MARGARITA MININO, &C., RESPONDENT, AND MARIA
RUIZ, INTERVENOR-RESPONDENT, v. CESAR PERALES, &C.,
APPELLANT, ET AL., DEFENDANT.
79 N.Y.2d 883, 589 N.E.2d 389, 581 N.Y.S.2d 162 (1992).
February 18, 1992
1 No. 26
This memorandum is uncorrected and subject to revision before publication in the New York Reports.
Robert J. Schack, for Appellant.
Elizabeth M. Imholz, for Respondent.
The order of the Appellate Division should be affirmed, with costs.
Plaintiffs are legal aliens admitted into the United States under sponsoring affidavits pursuant to 8 USC § 1182 (see also, 22 CFR § 42.9). Within three years of entering the United States, plaintiffs sought public assistance. Defendants denied plaintiffs benefits under the Home Relief program based on the "deeming" provision of Social Services Law (SSL) § 131-k(3), which provides that for three years after the alien's entry into this country the income of a sponsor is deemed available to the sponsored alien for determining the alien's eligibility for Home Relief benefits (see also, 18 NYCRR §§ 349.3, 352.33). The State Department of Social Services administrative directive 81-ADM-55 interprets SSL § 131-k(3) as requiring that the sponsor's income be deemed available to the alien whether or not it is actually available. According to the administrative directive, aliens who cannot obtain their sponsor's cooperation to provide income information are not eligible for Home Relief benefits. Plaintiffs' sponsors refused to provide the required income information and defendants informed plaintiffs that they were not eligible for Home Relief benefits.
Home Relief is a public assistance program designed to aid needy persons who are not receiving assistance from other sources (see, SSL § 131). The program is funded entirely by the state. Defendants do not dispute the holding of the courts below that the deeming provision of SSL § 131-k(3) violates New York State Constitution article XVII, § 1's mandate that the State aid the needy (see, Tucker v Toia, 43 NY2d 1, 9). Defendants contend, however, that the income deeming policy applicable to the federally-funded Aid to Families with Dependent Children program (AFDC) (see, 42 USC § 615), upon which SSL § 131-k(3) is modeled, was intended by Congress to serve the important governmental purpose of discouraging unqualified immigration into the United States. Thus, defendants argue that federal preemption in the field of immigration mandates that SSL § 131- k(3) be upheld to conform to Congressional intent. In effect, defendants claim that the doctrine of federal supremacy prohibits the state courts from holding a state statute as applied to a state-funded program unconstitutional under the State Constitution because such a ruling would impliedly conflict with federal legislation. We disagree.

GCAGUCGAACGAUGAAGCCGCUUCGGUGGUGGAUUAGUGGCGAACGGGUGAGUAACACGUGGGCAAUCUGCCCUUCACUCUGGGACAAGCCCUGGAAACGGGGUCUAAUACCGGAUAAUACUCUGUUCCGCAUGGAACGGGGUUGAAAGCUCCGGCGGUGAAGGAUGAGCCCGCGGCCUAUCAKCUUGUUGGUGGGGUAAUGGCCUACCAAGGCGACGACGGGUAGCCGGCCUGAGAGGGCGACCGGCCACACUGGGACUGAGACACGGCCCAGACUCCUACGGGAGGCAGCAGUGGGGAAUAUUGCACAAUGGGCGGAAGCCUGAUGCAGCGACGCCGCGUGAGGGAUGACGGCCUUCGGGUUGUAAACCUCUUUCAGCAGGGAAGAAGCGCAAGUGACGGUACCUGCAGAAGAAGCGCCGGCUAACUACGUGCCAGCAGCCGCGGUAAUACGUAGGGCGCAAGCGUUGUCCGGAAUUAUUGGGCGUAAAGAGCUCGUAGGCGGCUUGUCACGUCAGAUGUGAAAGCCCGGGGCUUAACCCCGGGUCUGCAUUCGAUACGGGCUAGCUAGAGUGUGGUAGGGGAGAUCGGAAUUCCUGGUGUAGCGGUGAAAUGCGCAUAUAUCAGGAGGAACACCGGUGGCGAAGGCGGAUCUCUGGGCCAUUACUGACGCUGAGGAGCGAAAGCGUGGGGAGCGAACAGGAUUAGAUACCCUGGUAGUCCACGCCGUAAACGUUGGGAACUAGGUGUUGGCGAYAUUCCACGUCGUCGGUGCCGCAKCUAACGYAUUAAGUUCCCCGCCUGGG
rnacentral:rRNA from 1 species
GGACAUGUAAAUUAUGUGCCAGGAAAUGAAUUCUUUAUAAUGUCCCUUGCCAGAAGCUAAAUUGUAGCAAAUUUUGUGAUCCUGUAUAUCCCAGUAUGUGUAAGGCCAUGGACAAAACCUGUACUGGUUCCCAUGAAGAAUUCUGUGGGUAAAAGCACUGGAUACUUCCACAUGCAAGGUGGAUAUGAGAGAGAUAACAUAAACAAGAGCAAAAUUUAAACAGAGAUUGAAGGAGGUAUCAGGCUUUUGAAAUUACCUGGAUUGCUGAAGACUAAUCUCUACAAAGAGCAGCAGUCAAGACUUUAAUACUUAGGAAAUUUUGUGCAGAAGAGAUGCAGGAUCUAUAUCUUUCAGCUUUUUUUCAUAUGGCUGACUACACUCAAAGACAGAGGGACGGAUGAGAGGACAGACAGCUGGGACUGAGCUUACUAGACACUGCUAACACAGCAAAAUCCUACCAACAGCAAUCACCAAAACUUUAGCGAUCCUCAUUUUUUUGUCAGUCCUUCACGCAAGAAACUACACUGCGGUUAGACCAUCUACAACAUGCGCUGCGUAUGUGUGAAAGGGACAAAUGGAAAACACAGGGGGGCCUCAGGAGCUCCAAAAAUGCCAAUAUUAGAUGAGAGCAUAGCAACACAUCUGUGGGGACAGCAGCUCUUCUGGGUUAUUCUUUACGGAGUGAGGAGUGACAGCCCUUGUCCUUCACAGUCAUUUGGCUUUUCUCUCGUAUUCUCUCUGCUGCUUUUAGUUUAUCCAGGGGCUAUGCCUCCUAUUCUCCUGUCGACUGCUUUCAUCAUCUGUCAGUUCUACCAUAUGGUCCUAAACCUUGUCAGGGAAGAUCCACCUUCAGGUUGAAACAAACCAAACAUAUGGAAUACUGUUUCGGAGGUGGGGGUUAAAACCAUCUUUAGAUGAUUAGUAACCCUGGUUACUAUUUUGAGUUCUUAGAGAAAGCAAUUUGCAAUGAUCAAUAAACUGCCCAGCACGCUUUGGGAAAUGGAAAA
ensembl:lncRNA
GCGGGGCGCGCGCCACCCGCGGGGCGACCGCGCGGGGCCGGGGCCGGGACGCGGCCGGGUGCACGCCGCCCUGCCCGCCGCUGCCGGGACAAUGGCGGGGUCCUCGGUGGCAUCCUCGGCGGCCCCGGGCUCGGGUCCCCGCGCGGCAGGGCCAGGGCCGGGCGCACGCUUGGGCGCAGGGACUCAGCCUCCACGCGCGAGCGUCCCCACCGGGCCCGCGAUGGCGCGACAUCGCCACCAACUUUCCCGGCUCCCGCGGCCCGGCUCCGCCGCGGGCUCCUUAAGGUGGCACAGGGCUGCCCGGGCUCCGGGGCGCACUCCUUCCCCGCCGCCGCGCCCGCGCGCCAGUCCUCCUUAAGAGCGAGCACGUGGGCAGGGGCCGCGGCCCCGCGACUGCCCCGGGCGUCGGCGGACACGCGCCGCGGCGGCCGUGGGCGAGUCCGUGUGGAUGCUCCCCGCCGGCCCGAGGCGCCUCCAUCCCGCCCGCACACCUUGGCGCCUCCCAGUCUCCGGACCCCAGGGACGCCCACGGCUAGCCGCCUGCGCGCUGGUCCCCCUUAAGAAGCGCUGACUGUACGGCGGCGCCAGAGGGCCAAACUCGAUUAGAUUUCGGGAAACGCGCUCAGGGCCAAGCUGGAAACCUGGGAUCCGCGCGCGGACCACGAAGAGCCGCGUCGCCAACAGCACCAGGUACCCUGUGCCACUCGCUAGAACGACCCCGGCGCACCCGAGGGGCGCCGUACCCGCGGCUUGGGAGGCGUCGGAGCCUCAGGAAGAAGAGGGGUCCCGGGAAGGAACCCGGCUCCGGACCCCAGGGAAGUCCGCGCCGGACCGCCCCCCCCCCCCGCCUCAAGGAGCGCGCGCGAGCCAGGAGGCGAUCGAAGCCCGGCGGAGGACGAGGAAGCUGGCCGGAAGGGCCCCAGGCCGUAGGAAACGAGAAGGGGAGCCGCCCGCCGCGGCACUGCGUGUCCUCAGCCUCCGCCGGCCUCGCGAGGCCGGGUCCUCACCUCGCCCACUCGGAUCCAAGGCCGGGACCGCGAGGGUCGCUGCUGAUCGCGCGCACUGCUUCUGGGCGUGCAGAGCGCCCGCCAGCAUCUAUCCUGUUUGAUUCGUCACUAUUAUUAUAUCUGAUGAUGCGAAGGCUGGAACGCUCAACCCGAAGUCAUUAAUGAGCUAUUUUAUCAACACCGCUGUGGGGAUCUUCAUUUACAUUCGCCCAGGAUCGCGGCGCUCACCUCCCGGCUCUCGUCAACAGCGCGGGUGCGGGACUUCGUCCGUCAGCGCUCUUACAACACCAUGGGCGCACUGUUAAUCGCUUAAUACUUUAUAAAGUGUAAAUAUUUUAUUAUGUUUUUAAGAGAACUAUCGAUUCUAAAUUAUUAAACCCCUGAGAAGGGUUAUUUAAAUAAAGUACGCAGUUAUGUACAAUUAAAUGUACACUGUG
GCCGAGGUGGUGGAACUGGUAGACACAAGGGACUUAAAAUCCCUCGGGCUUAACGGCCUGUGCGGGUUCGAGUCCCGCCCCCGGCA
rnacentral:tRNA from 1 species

Defendants have failed to show that by enacting the federal deeming policy concerning aliens' eligibility for AFDC, Congress intended to preempt state assistance for aliens as a matter of immigration policy. Even though striking down the state deeming policy of SSL § 131-k(3) entitles aliens to receive state public assistance, such action does not constitute a regulation of immigration subject to federal preemption (see, DeCavas v Bica, 424 US 351, 355). The federal deeming policy was an amendment to the federal AFDC statute, not the federal immigration statute. Also, Congress rejected a proposed amendment to the federal immigration statute that would have made sponsor agreements to support an alien legally binding obligations and instead amended the AFDC statute, suggesting that the federal deeming provision was not an immigration regulation. Additionally, Congress' failure to amend other federal grant-in- aid programs, such as Medicaid, to include a sponsor income deeming provision indicates that Congress has not intended to create a comprehensive federal benefits policy for sponsored immigrants. Thus, the sponsor income deeming amendment to the federal AFDC statute does not require this Court to uphold an otherwise unconstitutional restriction on the State's duty to aid the needy. Moreover, to the extent the purpose of the federal deeming policy is to reduce the cost of the federally-funded AFDC program, that purpose is in no way thwarted by a state's decision to expend its own funds in providing for its needy (see, New York State Dept. of Social Servs. v Dublino, 413 US 405, 413; Rosado v Wyman, 397 US 397, 420; see also, Matter of Enomoto v Toia, 50 NY2d 826, affg 67 AD2d 1087).
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Order affirmed, with costs, in a memorandum. Chief Judge Wachtler and Judges Simons, Kaye, Alexander, Titone, Hancock and Bellacosa concur.